VAT Flat Rate Scheme changes from 1st April 2017
Many small businesses choose to use the Flat Rate VAT scheme due to it’s simplicity of accounting. Rather than adding up the VAT you pay on all your purchases and deduct it from the VAT you collect on sales to work out how much you owe, you simply take a flat percentage of your VAT inclusive turnover and that’s what you need to pay.
From the 1st April 2017, a new ‘limited cost business’ rate will come into force and if this applies to you then you’ll pay a higher rate of 16.5%. As this is based on your VAT inclusive turnover it equates to about 19.8% of your net turnover. This is 0.2% below the standard rate of VAT leaving you almost no credit for VAT incurred on purchases. It is likely you’d be better off on full VAT so that you can reclaim VAT paid on business-related goods and services.
How is a limited cost business defined?
You will be considered a limited cost business if your cost of goods is less than either:
- 2% of your turnover
- £1,000 a year (if your costs are more than 2%)
What are cost of goods defined as?
Goods are items or materials exclusively used in your business. You can include gas and electricity.
What is excluded?
Goods counted towards the 2% or £1000 do not include:
- Any services (e.g. your eBay shop design or new website)
- Expenses like travel and accommodation
- Food and drink eaten by yourself or your staff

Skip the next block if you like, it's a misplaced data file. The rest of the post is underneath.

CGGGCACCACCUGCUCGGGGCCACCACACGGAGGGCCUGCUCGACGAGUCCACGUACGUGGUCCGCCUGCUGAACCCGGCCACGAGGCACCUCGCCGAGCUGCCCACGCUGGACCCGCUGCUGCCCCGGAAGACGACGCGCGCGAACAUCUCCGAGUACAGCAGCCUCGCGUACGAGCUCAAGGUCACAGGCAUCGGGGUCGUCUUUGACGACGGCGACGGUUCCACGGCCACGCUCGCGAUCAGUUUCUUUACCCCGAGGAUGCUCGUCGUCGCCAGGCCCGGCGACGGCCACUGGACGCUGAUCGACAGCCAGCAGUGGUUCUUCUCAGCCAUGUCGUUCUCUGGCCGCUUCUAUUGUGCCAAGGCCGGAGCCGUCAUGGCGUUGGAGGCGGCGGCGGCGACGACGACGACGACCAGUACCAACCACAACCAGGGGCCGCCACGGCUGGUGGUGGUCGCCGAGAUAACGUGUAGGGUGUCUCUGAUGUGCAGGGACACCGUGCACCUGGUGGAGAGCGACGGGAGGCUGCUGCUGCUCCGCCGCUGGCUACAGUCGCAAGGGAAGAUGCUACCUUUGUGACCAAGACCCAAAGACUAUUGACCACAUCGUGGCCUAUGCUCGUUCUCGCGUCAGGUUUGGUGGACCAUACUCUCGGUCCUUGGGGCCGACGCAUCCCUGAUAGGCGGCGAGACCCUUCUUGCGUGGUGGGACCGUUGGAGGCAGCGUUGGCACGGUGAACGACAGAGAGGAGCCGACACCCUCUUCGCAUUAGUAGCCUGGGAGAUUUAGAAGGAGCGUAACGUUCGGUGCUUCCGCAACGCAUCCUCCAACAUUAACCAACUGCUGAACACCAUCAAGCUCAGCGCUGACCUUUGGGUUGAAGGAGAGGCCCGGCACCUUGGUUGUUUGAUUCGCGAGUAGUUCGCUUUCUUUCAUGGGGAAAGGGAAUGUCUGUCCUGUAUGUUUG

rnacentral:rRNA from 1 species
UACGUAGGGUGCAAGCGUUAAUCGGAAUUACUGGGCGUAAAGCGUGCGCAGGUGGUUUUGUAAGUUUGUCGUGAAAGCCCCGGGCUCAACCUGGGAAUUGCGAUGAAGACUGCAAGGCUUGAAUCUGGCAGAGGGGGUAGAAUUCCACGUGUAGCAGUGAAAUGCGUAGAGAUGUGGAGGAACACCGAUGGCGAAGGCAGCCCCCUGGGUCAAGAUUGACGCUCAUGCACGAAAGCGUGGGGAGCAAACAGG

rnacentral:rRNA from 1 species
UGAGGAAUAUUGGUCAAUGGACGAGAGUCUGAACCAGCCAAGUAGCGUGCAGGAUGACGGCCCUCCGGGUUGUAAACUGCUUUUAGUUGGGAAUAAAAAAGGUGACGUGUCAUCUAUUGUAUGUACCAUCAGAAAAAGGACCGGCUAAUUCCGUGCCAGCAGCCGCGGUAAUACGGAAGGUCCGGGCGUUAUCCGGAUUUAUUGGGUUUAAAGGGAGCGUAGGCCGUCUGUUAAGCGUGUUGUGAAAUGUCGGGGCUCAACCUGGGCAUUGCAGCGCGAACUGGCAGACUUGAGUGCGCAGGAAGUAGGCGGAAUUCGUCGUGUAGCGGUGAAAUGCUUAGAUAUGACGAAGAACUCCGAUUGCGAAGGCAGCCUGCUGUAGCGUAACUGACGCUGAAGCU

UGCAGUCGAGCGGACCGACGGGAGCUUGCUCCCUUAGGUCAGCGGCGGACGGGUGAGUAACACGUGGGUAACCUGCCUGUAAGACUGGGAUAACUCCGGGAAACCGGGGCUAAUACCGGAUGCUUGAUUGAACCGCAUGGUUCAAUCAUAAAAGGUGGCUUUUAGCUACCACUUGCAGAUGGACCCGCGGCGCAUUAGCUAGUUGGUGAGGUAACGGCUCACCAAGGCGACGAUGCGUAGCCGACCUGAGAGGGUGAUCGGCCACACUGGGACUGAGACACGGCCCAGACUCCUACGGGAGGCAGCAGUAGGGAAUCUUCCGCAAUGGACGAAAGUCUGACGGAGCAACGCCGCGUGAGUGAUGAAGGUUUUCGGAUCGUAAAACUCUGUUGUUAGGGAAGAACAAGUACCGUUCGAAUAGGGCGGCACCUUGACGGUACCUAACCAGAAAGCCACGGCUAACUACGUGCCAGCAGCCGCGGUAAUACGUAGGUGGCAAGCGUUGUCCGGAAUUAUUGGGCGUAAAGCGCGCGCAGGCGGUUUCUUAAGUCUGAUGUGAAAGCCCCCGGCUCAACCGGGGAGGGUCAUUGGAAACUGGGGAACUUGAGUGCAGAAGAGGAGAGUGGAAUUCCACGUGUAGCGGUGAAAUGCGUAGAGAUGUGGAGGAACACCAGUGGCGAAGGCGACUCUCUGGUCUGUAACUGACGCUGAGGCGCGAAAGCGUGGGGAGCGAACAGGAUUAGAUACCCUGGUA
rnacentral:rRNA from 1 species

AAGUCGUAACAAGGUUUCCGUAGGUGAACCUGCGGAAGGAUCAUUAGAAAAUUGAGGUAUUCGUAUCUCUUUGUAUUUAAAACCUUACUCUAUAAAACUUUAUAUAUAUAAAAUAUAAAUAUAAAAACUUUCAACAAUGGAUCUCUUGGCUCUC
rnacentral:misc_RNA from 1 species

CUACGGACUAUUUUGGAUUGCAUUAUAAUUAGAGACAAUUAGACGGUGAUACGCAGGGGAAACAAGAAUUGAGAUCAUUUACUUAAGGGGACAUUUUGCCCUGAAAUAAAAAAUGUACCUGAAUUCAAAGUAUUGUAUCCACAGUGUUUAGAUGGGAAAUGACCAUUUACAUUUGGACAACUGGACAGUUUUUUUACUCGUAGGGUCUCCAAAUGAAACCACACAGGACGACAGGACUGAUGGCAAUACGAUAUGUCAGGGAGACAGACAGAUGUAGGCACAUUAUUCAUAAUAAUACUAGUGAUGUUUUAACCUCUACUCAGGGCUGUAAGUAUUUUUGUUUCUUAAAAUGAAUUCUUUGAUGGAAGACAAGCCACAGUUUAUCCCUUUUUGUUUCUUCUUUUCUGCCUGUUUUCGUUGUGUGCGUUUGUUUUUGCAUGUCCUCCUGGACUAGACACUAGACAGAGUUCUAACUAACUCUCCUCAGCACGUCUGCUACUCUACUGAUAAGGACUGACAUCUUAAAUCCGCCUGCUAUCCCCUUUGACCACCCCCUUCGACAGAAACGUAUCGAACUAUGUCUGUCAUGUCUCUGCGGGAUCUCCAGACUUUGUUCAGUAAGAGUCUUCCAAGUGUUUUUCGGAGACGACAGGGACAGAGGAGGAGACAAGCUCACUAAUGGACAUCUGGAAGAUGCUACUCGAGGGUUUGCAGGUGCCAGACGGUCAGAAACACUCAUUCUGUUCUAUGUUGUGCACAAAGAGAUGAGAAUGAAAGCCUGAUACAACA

- Vehicle costs including fuel unless you’re in the transport business using your own, or a leased vehicle
- Rent, internet, phone bills and accountancy fees
- Gifts, promotional items and donations
- Goods you will resell or hire out unless this is your main business activity
- Training and memberships
- Capital items for example office equipment, laptops, mobile phones and tablets
Who is this likely to affect?
If you are a marketplace consultant on the Flat Rate VAT scheme, there’s practically nothing you’ll be able to claim as purchases towards your 2% of turnover so you are likely to be defined as a limited cost business and be paying 16.5% VAT from the 1st of April.
This shouldn’t affect marketplace sellers as your cost of goods is likely to be more than 2% of turnover and as this is your main business activity you’ll be eligible for a lower VAT Flat Rate. Many marketplace traders who register for VAT select the business type “Retailing not listed elsewhere” for which the Flat Rate is 7.5%.